Author(s): Jaeschke, Walter
[German Version] I. Life – II. Works (Aug 27, 1770, Stuttgart – Nov 14, 1831, Berlin) I. Life Hegel was the eldest of the three children born to the treasury secretary Georg Ludwig Hegel and his wife Maria Magdalena Luise née Fromm. He attended the Stuttgart Gymnasium, which was conducted in the spirit of the Enlightenment, and developed a strong interest in Latin, Greek, and mathematics. From 1788 to 1793 he studied with a ducal scholarship in Tübingen (II) together with F. Hoelderlin and (from 1790) F.W.J. Sc…


(872 words)

Author(s): Jaeschke, Walter
[German Version] F. Nietzsche diagnoses as Hegelianism in the broad sense a manner of thinking that orients itself to a (reasonable) development. In the narrower sense, Hegelianism refers to the further development of G.W.F. Hegel's philosophy by his disciples, who partly elaborated upon the system he had presented mainly in his lectures and partly adapted it to the needs of individual disciplines: logic (Feuerbach, Rosenkranz), philo-¶ sophical historiography (L. Feuerbach, J.E. Erdmann), and philosophy of law (Gans), art (Hotho), and religion. During the rel…

Hegelund, Peder Jensen

(166 words)

Author(s): Jakubowski-Tiessen, Manfred
[German Version] (Jun 9, 1542, Ribe, Denmark – Feb 18, 1614, Ribe), bishop and author. After studies at Copenhagen, Leipzig, and Wittenberg, where he received his master's degree, in 1569 he was appointed rector, in 1580 canon in the cathedral chapter, and in 1588 pastor of the cathedral church in Ribe, where finally in 1595 he became bishop. He was an admirer of P. Melanchthon and, along with his acquaintance N. Hemmingsen, one of the most important representatives of Philippism in Denmark. Train…


(181 words)

Author(s): van Oort, Johannes
[German Version] According to a late and doubtful tradition, Hegemonius is the otherwise unknown author of the so-called Acta Archelai. These Acta, which were probably written in Greek between 325 and 348 ce and the full text of which is only preserved in a Latin translation from the 4th century, present themselves as an account of the debates between a certain Archelaus, bishop of Carchar (Carrhae/Haran in Osroëne?), and Mani. For several centuries and in various languages, the Acta occupied a very important place among the patristic and medieval texts directed against M…

Hegesippus (Saint)

(165 words)

Author(s): Thornton, Claus-Jürgen
[German Version] (2nd half of the 2nd cent. ce). Probably a Jewish Christian from Palestine or Syria, Hegesippus composed five books of Hypomnemata or memoirs; the genre (church history? apology?), content, and structure of the work do not emerge clearly from the title and the few extant fragments. Attacking Gnosticism (Gnosis/Gnosticism), he sought to safeguard the “uncorrupted testimony” of the apostolic preaching, which he found preserved in Scripture and through apostolic succession. He also traveled via Corinth …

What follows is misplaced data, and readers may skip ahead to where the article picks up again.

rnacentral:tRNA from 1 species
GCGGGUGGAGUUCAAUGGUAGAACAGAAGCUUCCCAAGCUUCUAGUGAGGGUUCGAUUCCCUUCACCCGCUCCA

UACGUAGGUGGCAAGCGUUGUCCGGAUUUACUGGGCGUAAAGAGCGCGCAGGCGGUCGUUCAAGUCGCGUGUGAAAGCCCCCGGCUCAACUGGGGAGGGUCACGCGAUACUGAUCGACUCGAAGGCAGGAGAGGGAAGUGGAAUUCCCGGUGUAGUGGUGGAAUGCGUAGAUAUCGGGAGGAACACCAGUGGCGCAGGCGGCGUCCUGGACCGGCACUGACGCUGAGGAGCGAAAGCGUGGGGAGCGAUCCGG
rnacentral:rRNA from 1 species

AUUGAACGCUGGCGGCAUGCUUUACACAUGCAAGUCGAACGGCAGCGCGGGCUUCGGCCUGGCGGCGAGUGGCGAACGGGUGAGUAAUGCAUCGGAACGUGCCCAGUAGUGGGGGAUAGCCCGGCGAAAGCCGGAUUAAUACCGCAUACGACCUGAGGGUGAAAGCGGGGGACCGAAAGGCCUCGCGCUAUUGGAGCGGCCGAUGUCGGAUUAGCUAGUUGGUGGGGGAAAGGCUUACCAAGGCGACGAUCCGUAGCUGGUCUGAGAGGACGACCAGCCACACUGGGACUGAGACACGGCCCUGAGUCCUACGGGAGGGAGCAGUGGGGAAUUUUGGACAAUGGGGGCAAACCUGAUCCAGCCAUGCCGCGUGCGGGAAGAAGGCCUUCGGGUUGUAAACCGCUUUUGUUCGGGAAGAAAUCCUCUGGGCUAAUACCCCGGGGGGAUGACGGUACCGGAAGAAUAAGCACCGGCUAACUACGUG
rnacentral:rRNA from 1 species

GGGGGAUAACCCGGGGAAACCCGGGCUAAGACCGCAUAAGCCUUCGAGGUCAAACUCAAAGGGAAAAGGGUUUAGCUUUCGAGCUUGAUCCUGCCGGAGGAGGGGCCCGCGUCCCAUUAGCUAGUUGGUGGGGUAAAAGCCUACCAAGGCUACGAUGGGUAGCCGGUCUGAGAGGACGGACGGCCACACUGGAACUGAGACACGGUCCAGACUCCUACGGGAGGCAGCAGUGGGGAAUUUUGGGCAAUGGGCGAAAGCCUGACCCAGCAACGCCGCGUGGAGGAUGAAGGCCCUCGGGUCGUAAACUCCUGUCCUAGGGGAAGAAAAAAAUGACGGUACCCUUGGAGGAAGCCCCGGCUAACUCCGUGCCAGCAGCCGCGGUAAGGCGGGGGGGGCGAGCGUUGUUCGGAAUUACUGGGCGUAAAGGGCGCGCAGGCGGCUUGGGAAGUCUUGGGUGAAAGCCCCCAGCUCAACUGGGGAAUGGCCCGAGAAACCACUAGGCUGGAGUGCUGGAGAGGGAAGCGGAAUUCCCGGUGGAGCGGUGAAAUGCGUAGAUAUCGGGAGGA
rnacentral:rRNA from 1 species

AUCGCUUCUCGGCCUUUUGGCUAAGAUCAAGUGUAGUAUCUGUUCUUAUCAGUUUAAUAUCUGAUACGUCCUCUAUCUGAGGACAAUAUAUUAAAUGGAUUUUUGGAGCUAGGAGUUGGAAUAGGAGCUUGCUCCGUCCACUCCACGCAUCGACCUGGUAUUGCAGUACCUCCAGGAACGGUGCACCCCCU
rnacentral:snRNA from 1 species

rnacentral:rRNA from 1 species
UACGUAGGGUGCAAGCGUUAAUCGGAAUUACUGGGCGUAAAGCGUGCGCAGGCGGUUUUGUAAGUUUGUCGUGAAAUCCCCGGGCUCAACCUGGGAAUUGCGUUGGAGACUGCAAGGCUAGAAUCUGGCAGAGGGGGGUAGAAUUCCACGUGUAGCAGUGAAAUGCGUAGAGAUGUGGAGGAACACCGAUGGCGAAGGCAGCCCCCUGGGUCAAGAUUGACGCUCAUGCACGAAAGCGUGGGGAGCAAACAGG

Hegius, Alexander

(158 words)

Author(s): Zschoch, Hellmut
[German Version] (c. 1439/1440, Burgsteinfurt – Dec 1498, Deventer, Netherlands). Hegius studied the artes liberales in Rostock beginning in 1456. As the director of schools affiliated with the Brothers and Sisters of the Common Life (1469 Wesel, 1474 Emmerich, after 1476 Deventer), Hegius placed pedagogy in the service of Humanism (friendship with R. Agricola from 1479) by teaching a method to approach Greek and Latin which is schooled in the ancient sources ¶ and observes the rules of rhetoric. Hegius exerted a strong influence on 16th-century German and Dutch Huma…


(5 words)

[German Version] Monasticism


(271 words)

Author(s): de Groot, Aart
[German Version] (van der Heyden) 1. Caspar (1530, Mechelen, Belgium – May 7, 1586, Bacharach), Flemish Reformed pastor. As a lay theologian, he worked under the most difficult circumstances in the early years of the rebellion against Spain to constitute the life of the Reformed Church as a pastor in Antwerp (1551–1558 and 1579–1585), in Middelburg (1574–1579), in the refugee congregations in Frankfurt amMain and Frankenthal (1558–1574), and, finally, after 1586 as inspector in Bacharach. He participat…